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Watch For Scams Newsletter. Western Union Scam
May 03, 2010
Western Union Scam
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Western Union ScamAn email that appears to come from Western Union [an international money transfer service] is circulating that claims that there has been unauthorized transactions on your credit card.
It is a phishing email and is not from Western Union and the claims about unauthorized credit card transactions are false. The message is designed to steal your credit card details. Attached to the email is a form which you are requested to fill out.
This email claims that your credit card account may have been accessed by an unauthorized third party. It informs you that the compromised account has therefore been suspended as a security measure. The email then instructs you to open an attached form and submit Western Union login details and credit card information as a means of verifying your account and identity.
Supposedly, once these details have been submitted and reviewed by Western Union's "fraud department" the account suspension will be lifted.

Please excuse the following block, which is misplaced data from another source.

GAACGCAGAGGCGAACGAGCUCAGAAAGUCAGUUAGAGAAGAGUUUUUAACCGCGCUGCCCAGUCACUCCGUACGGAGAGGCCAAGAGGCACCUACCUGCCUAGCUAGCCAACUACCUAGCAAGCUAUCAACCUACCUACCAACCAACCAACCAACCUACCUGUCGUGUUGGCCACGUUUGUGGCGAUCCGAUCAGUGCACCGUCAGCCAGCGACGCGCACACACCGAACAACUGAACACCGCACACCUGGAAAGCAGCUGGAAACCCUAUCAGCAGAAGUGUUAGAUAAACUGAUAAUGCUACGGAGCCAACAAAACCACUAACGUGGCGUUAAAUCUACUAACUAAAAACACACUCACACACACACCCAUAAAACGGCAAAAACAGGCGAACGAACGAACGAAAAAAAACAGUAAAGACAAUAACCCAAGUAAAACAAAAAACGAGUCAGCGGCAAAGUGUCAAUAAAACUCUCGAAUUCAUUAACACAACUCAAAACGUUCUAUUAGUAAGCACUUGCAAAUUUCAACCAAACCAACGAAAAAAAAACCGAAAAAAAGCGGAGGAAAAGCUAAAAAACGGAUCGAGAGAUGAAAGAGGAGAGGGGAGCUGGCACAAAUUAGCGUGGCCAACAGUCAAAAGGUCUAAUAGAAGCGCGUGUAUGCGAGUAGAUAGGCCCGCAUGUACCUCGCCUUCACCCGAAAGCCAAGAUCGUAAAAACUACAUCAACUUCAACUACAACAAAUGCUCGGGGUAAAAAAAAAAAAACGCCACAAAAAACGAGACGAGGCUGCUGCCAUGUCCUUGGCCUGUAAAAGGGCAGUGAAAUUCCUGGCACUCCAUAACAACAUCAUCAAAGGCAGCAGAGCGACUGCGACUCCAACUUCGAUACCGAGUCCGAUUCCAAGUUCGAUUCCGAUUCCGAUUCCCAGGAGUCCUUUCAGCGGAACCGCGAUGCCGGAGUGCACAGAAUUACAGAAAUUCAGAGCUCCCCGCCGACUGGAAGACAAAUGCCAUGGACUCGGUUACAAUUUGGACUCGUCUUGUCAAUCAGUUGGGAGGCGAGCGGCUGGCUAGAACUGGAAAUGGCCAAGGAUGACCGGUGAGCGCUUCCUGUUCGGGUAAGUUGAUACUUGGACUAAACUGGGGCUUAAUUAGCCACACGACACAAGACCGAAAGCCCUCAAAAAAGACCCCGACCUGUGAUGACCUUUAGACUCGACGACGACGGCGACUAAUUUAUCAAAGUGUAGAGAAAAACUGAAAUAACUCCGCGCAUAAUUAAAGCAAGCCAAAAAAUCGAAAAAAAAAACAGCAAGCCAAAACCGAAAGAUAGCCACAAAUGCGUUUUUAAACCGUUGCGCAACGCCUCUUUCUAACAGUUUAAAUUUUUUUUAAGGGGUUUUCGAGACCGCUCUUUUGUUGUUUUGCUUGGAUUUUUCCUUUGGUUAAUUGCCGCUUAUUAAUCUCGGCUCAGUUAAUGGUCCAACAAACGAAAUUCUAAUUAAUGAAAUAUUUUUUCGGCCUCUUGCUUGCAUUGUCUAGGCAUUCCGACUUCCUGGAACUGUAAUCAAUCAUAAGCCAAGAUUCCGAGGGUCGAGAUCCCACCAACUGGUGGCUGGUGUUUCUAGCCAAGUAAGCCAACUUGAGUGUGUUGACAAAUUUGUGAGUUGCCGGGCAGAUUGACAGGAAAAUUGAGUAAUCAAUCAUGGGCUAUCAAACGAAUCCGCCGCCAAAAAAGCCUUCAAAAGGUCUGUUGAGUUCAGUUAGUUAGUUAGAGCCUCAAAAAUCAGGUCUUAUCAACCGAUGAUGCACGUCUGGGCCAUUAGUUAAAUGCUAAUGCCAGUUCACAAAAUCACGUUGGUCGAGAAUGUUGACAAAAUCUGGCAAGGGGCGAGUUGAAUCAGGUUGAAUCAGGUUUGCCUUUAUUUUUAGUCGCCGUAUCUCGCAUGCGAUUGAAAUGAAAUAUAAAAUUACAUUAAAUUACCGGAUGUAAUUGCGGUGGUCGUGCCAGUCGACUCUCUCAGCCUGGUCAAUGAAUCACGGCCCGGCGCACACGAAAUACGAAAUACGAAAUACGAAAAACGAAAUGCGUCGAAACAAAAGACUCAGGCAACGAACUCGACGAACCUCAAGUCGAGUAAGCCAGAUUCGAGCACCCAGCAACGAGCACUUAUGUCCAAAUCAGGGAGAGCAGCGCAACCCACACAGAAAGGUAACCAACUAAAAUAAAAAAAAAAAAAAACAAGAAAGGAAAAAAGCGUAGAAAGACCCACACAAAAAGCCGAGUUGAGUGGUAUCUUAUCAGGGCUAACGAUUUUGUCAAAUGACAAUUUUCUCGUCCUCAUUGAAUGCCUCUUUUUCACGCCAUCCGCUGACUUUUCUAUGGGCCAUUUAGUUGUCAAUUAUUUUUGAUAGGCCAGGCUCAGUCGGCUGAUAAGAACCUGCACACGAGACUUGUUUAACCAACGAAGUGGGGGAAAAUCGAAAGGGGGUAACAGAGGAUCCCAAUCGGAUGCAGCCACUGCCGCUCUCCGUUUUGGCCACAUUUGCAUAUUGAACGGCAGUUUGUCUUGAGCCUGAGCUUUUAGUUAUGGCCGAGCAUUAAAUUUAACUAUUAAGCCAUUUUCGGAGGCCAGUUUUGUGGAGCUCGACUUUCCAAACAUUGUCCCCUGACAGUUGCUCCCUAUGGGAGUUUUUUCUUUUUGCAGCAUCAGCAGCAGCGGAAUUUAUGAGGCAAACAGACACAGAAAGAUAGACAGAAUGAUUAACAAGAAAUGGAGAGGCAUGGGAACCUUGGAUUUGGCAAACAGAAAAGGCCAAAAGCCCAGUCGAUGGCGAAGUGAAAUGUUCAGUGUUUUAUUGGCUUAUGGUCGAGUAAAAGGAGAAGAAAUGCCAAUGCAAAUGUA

If you fill out the form as requsted you will actually be sending your login information and credit card details directly to Internet based criminals. Once the criminals have collected your information, they can then make fraudulent transactions using your credit card account. They can also logon to your real Western Union account and use it for fraudulent activities.
What is of concern is the scammers have included a fake web form as an HTML email attachment rather than directing you to a fake website using a link in the message. When the email attachment is opened, the fake form is loaded into your web browser. If you click the Submit button, the scammers will receive a copy of all the details you provided.
By using HTML attachments rather than links, the criminals are hoping to avoid the increasingly sophisticated phishing scam filters that come with modern web browsers and computer security software.
You should be very cautious of any unsolicited email that requests you to provide personal and financial details, either via links in the message or via email attachments.
If you need to access an online account, the safest course of action is to open your web browser and type in the account's website address directly. Do not fill in and submit forms that are included in email attachments. Do not click on links in emails that request you to provide personal or financial information via a web based form.
If you have received an e-mail referencing the above information or have been a victim of this or a similar incident, you should notify the IC3 via www.ic3.gov.
Remember - always watch for scams!
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